We must insure we weather the storm
- Date: Monday 11th January 2010
SCOTLAND has the same relationship with snow as we have with the flu - when it hits hard we shut down.
We're no strangers to snow in Scotland.
But after the recent situation - out of grit, roads closed and public transport coming to a halt - when are we going to bite the bullet and insure ourselves against it?
Cast your mind back to 2008 and employers in London were offering £200 sweeteners to staff who braved a freak snowstorm and made it in to work.
The city's councils came under fire for not being better prepared, but Mayor Boris Johnson said snow is such a freak event that any money thrown at expensive anti-snow measures would be a bad investment.
Now, like Boris, I don't like bad investments but, a year later, the same thing is happening.
If we size up the economic damage a cold snap can do, insuring ourselves against 'freak' weather is a necessary evil.
The arguments for and against climate change are for another time, but a Met Office spokesperson told me last week, "Even with a warming climate we will still have cold winters," before adding, "some extremes will increase such as heatwaves and the coldness of a cold winter."
During and after a cold snap, the country loses vast sums of money, so local authorities need to take the hit and insure against unexpected losses.
It's a common transaction - people in great health insure against illness and we insure our homes to protect ourselves from a burglary, fire or a burst water pipe.
Those of you - like me - who are old enough to remember the famous storm in 1987 when Michael Fish notoriously got it wrong will know how unpredictable the weather can be.
We had no real warning of particularly poor weather this winter so there was no strong case to beef up grit supplies.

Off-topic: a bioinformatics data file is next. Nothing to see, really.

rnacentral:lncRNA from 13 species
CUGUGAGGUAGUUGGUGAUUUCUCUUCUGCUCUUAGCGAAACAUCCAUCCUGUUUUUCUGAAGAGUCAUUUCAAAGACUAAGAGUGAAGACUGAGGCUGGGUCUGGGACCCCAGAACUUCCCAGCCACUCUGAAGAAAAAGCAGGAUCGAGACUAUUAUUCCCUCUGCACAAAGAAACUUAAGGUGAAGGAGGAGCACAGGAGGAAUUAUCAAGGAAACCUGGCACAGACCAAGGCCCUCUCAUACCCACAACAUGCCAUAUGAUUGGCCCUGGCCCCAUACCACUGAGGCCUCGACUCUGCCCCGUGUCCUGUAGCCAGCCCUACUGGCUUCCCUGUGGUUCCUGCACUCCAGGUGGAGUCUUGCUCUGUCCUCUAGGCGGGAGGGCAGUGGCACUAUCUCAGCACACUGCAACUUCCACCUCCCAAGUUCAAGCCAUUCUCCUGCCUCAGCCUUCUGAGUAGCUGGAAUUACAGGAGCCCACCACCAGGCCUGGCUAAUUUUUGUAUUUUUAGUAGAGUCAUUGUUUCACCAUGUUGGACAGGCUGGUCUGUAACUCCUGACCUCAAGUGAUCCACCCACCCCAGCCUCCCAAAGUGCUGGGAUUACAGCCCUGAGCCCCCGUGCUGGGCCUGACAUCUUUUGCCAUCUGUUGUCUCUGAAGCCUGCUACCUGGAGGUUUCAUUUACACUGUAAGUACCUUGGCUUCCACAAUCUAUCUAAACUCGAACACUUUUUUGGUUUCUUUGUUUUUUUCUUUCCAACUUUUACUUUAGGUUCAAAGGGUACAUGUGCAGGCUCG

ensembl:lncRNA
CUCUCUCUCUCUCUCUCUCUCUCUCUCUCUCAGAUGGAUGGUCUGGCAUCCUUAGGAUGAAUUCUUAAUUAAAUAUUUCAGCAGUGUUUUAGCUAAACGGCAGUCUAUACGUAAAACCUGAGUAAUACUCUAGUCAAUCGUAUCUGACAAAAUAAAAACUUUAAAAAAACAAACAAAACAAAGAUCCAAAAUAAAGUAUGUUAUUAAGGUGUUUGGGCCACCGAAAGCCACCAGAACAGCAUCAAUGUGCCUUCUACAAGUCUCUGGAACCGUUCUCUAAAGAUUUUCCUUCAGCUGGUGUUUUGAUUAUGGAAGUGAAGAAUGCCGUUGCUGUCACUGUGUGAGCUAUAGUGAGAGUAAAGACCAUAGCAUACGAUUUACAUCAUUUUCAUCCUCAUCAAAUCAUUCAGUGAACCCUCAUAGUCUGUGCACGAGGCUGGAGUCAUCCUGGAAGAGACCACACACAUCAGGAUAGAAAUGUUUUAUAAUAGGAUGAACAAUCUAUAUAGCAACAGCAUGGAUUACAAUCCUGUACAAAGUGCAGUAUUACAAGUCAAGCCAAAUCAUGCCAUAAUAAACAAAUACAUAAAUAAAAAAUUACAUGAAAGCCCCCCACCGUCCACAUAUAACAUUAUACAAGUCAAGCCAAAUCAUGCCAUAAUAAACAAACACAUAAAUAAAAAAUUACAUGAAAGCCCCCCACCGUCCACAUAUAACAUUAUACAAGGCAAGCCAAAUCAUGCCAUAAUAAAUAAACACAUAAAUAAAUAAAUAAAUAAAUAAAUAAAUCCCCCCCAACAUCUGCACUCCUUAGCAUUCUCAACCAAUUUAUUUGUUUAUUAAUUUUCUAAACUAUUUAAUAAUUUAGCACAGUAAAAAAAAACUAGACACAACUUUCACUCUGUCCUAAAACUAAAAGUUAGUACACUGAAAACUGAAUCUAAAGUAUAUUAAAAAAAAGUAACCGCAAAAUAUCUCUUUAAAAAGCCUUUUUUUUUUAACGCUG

But we should be covered should the worst happen, not running out of grit and having to halt public transport networks and close roads.
Last week, every school and nursery in Lothian was shut with similar stories in Fife, Glasgow, Lanarkshire, Highlands, Central, Aberdeenshire, the Borders and the Islands.
School closures on such a vast scale mean that teachers get paid wages for doing nothing - that's nobody's fault, it's just a fact.
Parents have to arrange childcare at the last minute or take the day off at a cost to them or their company.
The children are then forced to stay at home eating supplies and watching TV with the central heating on, so the council wage bill leaks on all fronts while parents shell out money they hadn't budgeted for.
All this while major transport links, airports, train lines and trunk roads are closed, playing havoc with the morning commute and hitting businesses in the pocket.
Shops and high streets will feel the pinch because, even if employees make it in to work, there'll be little shopping to cover the heating bills.
Keeping roads open is essential for local economies and the nation as a whole. Part of local and national government's responsibility is ensuring there are contingency plans in place should the worst happen.
Aside from a commercial and economic level, there were warnings to older people to make sure their heating was up high enough to offset the risk of hypothermia.
Even if we stand back and do nothing, at the end of the cold snap we'll still have to fix and smooth potholes and cracks that the ice has worn.
The clean-up will cost millions anyway, so why not prepare for some damage limitation?
Let's estimate that the snow costs each household in Scotland an average of £5 extra in lost wages, heating, childcare, food etc.
The General Register office shows there are 2.27million households in Scotland. That's a very conservative estimate of an extra £11.35million that the snow has cost the economy.
When you put it like that, a bit of extra insurance is surely worth the risk.